Alfredo Jaar

At the 2006 World Leaders Forum, Columbia University hosted Strategies of Representation that featured Alfredo Jaar, architect and artist.  I was struck by his unique creations that represented sensitive social and political issues.

One of these creations was a paper museum set on a paper mill community in Sweden where residents weren’t too keen for a museum.  But at it’s opening, residents went to the paper museum to wonder at the showcase of contemporary local art.  However, at the end of the day during the closing, Jaar had the museum burned to the ground the intention being, for residents to feel what it was like to have a museum.  Immediately this spread throughout the town and was the talk for days until the community decided to bring back the museum a real one this time.   They got together and worked to make it happen.

The museum is set to open in 2012, eight years after the town residents had their first and only glimpse of Jaar’s paper museum.

Another of his creation is the red lights installation – Lights in the City – inside the Cupola dome located in the old section of Montreal, Canada.  The Cupola, which was the former seat of national government, has since been converted into a shelter for the homeless, one among many shelters in the City which has 15,000 homeless persons then and the largest in the country.  From interviews with the dwellers, Jaar heard their frustration at begging off the streets where people regarded them as if they were garbage.  They said they didn’t want to be photographed because they wanted to stay hidden.

Jaar then supervised the installation of red lights.  When somebody likes to make their presence known they only have to press the button which in turn activates red lights inside the dome.  The lighted dome is a signal to all that one more homeless person is entering the shelter.   This was featured in international media and caught the attention of people who called up the City Government to address it’s issue of homelessness.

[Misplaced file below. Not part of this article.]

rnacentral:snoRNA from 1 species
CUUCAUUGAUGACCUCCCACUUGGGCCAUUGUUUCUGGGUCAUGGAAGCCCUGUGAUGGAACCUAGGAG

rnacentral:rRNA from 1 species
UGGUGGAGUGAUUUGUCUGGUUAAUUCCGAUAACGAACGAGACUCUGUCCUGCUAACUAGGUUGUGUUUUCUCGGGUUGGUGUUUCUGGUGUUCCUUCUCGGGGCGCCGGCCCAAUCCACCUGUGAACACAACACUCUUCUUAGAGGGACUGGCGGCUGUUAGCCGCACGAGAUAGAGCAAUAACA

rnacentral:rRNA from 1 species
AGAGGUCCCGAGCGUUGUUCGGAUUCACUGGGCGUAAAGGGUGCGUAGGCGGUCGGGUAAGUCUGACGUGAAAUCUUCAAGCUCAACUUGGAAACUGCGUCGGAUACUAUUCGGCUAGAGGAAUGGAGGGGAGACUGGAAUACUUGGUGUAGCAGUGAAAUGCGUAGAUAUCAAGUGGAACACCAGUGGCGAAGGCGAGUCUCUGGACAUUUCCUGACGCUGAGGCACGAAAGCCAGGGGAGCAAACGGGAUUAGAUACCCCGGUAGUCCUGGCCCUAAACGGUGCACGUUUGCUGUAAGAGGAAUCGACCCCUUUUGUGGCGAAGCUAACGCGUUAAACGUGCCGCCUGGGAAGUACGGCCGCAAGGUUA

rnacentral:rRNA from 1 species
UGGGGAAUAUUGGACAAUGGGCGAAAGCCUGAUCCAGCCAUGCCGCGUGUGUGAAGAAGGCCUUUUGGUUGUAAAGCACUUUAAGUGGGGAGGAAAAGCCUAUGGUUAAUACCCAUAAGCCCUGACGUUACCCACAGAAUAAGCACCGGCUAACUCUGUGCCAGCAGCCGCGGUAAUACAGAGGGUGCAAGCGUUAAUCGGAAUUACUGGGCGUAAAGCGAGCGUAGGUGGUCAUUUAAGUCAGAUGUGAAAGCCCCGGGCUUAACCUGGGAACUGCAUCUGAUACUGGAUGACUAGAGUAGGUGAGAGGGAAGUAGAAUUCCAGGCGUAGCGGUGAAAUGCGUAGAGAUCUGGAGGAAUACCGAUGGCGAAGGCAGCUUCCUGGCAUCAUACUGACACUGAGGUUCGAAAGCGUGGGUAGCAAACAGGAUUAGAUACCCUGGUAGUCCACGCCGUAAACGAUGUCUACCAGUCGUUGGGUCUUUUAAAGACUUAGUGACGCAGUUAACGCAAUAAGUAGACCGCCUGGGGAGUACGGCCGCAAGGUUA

Prior to making his creations, Jaar researched on the issues at hand.  In the Montreal Lights In The City project, it took Jaar seven trips just to study the place.  His longest project took him six years.  This included the study of the place, engaging dialogue with the community, earning the community’s respect and trust, and revising the work if it didn’t appeal the first time (as with his project in Rwanda).

Mostly, he is invited by governments.  I was struck by his view of government which is that he does not see it as monolithic– appearing conservative from the outside but inside it are real people who are sympathetic.

He was asked how as an artist who feels issues keenly could he not be immobilized by emotion.  He said he didn’t have a formula only that he reacts spontaneously to what makes him unhappy, at times directly through his projects.

He was asked what he thought about beauty.  He said he prefers to make use of poetry and is always in search of the balance between information (or the ethical) and poetry (or the aesthetical).

He believed that the primary work of artists is to create models of thinking or alternative ways of perceiving the world.  He rejects the labeling of artists as political because to him all art has a critical dimension – layered, hidden, or obvious – and that without critical dimension that piece of art is dead.

He said artists and researchers are outsiders in the sense that their ideas are their own.  He likened the dilemma of the painter-outsider to a Spanish saying – the last one to realize that it is in the water is the fish; the fish has to die for it to realize it had been swimming in the water all along.  But, he said, the outsider has every right to go inside if only to speak for himself.

The video could be viewed on iTunes University.


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